News ID: 217011
Published: 0302 GMT June 20, 2018

Drought crisis, one step away from cities

Drought crisis, one step away from cities

By Mohsen Tabatabaei Mozdabadi*

On the threshold of summer, water crisis becomes more egregious; therefore, it is necessary to pay much more attention to this issue. The fact is that global, regional and national trends all indicate worsening situation in the field of water.

Climate change is evident; according to reports, the average global temperature at 0.76ᵒC is rising from the pre-industrial period.

The hot air is drawn to the oceans and even deep oceans; Arctic ice caps are disappearing three times faster than expected and it has dropped by 2.7 percent every decade on average.

Unfortunately, despite the depth of the crisis, some countries, including the United States, are adding to the deterioration of the situation by leaving Paris climate agreement.

Under these circumstances, developing countries will incur 75 percent of the damage caused by climate change in such a way that 2ᵒC warming leads to a 4-5 percent reduction in GDP in Africa and South Asia.

By 2050, the world's population will reach 9.5 to 10 billion, of which two thirds will be urbanized. In the same period, the global GDP growth rate will be around 2.5 percent.

Moreover, global demand for agricultural products and energy (mainly food and electricity) will grow between 60 percent and 80 percent.

Currently, more than two billion people in the world do not have access to safe drinking water while nearly four billion people do not have aseptic sewage systems.

With this growing population, global demand for water will increase by 30 percent by 2050.

Almost half of the world's population lives in areas potentially exposed to water scarcity. Anymore, 70 percent of the world's water consumption accounts for 20 percent of the agricultural sector and 10 percent of the rest.

Based on evidence, there is an increasing demand for consumption in all of these sectors.

The water crisis has disastrously led to the destruction of the ecosystem. Nearly, two thirds of the world's forests are subject to destruction.

Most of the world's soil resources, especially in farmlands, are in poor condition.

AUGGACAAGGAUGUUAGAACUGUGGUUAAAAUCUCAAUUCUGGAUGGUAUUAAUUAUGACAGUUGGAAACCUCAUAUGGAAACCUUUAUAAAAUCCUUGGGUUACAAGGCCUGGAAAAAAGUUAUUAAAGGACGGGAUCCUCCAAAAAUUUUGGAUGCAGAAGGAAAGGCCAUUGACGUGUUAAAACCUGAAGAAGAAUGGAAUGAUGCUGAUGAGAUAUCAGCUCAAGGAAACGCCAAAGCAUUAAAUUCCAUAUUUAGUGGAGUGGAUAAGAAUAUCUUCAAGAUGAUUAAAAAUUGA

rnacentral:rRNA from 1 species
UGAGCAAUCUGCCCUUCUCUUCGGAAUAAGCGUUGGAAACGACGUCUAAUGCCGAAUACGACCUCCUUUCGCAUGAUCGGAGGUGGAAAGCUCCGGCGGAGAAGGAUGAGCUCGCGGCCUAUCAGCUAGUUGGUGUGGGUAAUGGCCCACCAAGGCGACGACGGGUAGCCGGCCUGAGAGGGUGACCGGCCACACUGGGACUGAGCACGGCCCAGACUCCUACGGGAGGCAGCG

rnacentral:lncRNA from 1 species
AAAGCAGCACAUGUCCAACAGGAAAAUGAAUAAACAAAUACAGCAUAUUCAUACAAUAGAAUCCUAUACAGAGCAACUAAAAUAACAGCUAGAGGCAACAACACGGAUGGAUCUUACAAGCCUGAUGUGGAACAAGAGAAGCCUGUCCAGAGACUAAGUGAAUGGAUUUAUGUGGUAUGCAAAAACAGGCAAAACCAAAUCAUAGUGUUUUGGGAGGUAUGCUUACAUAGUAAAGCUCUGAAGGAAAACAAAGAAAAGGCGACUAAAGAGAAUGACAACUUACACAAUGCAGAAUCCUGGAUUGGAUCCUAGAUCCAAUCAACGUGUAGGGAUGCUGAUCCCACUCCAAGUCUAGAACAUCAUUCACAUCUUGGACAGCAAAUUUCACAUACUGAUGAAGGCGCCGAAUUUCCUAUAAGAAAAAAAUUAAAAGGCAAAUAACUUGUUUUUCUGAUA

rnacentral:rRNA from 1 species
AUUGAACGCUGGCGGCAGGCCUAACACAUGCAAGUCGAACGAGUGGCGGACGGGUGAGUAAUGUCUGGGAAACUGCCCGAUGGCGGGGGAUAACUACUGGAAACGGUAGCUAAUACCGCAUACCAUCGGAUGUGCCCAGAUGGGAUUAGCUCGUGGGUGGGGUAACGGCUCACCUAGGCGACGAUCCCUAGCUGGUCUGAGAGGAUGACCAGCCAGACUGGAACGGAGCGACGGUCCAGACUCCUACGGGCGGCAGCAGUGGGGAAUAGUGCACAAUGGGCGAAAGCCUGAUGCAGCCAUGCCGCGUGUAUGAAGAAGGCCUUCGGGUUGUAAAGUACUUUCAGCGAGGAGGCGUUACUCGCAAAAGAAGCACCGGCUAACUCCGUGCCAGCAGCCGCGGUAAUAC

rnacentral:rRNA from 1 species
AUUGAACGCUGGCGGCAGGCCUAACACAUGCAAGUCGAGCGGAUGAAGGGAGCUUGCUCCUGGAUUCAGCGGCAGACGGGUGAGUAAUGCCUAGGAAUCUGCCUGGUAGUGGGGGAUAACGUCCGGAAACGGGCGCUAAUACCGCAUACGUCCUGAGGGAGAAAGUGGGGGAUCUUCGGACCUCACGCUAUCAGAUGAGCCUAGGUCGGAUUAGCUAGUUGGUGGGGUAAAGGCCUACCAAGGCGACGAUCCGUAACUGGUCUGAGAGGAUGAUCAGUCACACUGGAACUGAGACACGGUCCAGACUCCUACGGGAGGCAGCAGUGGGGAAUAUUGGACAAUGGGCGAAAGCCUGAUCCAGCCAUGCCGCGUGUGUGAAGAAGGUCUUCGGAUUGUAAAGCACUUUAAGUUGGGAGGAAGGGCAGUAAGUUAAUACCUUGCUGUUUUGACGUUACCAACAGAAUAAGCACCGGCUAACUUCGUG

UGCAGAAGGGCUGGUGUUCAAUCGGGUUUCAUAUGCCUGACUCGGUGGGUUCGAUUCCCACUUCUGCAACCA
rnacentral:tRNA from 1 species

This is intensifying and it adversely affects the water cycle by increasing the rate of evaporation and the amount of runoff and erosion. The more complicated problem in this regard is uneven dispersion and distribution of water in the world.

Statistics indicate the shocking reality that 80 percent of the world's population only has access to 20 percent of the world's soft drinking water. However, the way of dealing with these critical conditions is, on a global level, one of the goals of sustainable development, ensuring water availability and sustainable management.

Countries need to apply unique and operational strategies as well as rapid, agile and strategic planning in this area.

As stated, the main consumption and waste of water in the country is in the agricultural sector. In this regard, changes in the pattern of cultivation, the expansion of greenhouse cultivation, the development of new irrigation systems and the transfer of spring to winter crops are important solutions.

In fact, behavior must change. For instance, changing the pattern of cultivation in the cultivated fields in southern Italy with an area of 5,000 square kilometers, which was mostly dedicated to winter crop cultivation, has, over the last 15 years, succeeded in changing the pattern of successful crop management in surface water and underground water.

Through diversification in cultivation, instead of relying on rainbow wheat in winter and tomato in summer, they turned to a wide range of products, including olive, grape, and other fruits and vegetables.

The situation is the same for water consumption in the industrial sector.

Some of the solutions of this sector include optimization of consumption, use of treated water, promotion of productivity, use of cooling and so on.

In household consumption, which is much smaller, but it is important, conservation is an essential solution. In this regard, the pattern of consumption of the community should be corrected.

 

*Mohsen Tabatabaei Mozdabadi is the secretary general of Iran Urban Economics Scientific Association (IUESA).

   
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